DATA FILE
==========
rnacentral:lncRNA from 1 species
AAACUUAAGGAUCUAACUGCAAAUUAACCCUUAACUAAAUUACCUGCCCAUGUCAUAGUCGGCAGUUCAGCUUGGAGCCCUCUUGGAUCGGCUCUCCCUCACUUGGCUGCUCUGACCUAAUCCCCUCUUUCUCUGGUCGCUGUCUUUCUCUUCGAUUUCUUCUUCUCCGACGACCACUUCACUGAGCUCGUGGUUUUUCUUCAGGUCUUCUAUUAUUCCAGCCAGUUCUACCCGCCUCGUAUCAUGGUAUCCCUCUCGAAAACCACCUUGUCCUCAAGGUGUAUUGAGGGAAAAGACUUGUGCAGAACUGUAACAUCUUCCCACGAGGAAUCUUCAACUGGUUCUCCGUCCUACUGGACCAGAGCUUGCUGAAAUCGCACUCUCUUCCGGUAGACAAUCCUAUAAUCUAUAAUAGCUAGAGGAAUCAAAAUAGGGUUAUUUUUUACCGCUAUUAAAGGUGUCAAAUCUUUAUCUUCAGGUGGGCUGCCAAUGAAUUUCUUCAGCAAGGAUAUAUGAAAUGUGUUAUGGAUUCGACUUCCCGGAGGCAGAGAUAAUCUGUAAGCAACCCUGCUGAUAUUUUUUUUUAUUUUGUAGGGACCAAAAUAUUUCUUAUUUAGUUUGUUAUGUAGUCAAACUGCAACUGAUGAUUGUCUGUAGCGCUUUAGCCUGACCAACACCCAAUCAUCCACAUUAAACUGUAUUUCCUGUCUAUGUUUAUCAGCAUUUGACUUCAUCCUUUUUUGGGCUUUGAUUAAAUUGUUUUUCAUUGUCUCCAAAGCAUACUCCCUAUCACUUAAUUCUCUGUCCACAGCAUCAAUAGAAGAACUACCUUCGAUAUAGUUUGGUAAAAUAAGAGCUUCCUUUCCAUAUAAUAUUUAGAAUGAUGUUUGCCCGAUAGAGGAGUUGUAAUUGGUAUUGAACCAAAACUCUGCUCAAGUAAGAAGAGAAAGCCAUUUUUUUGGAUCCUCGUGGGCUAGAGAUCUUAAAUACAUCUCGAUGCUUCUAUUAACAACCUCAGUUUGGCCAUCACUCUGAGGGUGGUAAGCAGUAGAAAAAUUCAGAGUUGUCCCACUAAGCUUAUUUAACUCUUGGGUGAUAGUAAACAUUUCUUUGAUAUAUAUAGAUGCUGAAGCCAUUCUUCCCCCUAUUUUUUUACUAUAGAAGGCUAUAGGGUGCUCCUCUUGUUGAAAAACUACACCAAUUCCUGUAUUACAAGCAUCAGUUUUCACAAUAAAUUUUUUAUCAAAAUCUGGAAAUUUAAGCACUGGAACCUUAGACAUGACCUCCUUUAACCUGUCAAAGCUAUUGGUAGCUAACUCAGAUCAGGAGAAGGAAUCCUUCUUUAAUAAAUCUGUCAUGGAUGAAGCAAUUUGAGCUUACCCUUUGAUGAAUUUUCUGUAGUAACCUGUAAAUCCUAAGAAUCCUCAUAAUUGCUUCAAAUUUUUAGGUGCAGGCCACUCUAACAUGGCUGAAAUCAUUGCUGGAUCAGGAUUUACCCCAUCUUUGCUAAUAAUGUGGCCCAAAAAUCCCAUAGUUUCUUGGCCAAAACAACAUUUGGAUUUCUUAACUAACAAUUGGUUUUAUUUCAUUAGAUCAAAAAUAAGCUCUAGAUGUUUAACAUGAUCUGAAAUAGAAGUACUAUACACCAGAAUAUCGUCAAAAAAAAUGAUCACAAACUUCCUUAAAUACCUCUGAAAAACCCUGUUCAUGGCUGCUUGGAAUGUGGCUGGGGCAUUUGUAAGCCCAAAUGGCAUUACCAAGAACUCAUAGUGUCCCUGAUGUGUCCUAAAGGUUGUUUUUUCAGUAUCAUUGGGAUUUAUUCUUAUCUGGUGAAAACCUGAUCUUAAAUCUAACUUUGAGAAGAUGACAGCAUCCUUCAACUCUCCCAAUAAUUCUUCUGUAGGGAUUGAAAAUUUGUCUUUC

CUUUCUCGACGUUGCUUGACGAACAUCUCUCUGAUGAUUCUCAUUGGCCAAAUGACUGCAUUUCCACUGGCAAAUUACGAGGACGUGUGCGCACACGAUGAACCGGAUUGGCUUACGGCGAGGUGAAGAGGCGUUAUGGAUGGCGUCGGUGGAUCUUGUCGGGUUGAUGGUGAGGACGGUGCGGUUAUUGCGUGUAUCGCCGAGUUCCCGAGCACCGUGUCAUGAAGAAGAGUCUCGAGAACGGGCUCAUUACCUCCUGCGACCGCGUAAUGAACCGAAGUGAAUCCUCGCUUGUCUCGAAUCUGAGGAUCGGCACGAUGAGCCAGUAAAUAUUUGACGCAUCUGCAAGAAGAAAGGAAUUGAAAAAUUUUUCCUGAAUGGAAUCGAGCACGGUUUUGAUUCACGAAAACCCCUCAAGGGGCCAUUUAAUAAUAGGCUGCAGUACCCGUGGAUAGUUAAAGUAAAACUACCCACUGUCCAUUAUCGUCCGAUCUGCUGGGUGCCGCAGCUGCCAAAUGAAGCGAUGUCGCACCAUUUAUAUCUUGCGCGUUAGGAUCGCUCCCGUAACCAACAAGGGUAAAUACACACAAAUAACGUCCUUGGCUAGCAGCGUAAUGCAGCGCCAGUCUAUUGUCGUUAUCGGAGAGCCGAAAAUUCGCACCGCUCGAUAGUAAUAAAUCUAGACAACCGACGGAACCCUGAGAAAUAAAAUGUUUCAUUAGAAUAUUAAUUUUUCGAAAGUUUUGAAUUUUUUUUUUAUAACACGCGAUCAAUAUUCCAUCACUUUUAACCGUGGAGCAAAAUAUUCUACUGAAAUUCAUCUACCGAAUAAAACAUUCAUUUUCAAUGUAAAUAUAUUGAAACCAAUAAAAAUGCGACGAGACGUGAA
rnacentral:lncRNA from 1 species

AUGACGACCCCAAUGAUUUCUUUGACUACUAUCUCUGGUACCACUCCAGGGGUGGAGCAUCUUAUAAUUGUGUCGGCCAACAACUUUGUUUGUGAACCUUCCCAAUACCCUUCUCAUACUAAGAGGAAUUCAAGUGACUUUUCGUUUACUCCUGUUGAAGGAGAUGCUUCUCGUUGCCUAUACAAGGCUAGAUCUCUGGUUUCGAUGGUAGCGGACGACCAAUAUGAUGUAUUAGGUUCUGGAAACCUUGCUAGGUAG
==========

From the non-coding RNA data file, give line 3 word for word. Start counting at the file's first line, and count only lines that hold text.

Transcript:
CUUUCUCGACGUUGCUUGACGAACAUCUCUCUGAUGAUUCUCAUUGGCCAAAUGACUGCAUUUCCACUGGCAAAUUACGAGGACGUGUGCGCACACGAUGAACCGGAUUGGCUUACGGCGAGGUGAAGAGGCGUUAUGGAUGGCGUCGGUGGAUCUUGUCGGGUUGAUGGUGAGGACGGUGCGGUUAUUGCGUGUAUCGCCGAGUUCCCGAGCACCGUGUCAUGAAGAAGAGUCUCGAGAACGGGCUCAUUACCUCCUGCGACCGCGUAAUGAACCGAAGUGAAUCCUCGCUUGUCUCGAAUCUGAGGAUCGGCACGAUGAGCCAGUAAAUAUUUGACGCAUCUGCAAGAAGAAAGGAAUUGAAAAAUUUUUCCUGAAUGGAAUCGAGCACGGUUUUGAUUCACGAAAACCCCUCAAGGGGCCAUUUAAUAAUAGGCUGCAGUACCCGUGGAUAGUUAAAGUAAAACUACCCACUGUCCAUUAUCGUCCGAUCUGCUGGGUGCCGCAGCUGCCAAAUGAAGCGAUGUCGCACCAUUUAUAUCUUGCGCGUUAGGAUCGCUCCCGUAACCAACAAGGGUAAAUACACACAAAUAACGUCCUUGGCUAGCAGCGUAAUGCAGCGCCAGUCUAUUGUCGUUAUCGGAGAGCCGAAAAUUCGCACCGCUCGAUAGUAAUAAAUCUAGACAACCGACGGAACCCUGAGAAAUAAAAUGUUUCAUUAGAAUAUUAAUUUUUCGAAAGUUUUGAAUUUUUUUUUUAUAACACGCGAUCAAUAUUCCAUCACUUUUAACCGUGGAGCAAAAUAUUCUACUGAAAUUCAUCUACCGAAUAAAACAUUCAUUUUCAAUGUAAAUAUAUUGAAACCAAUAAAAAUGCGACGAGACGUGAA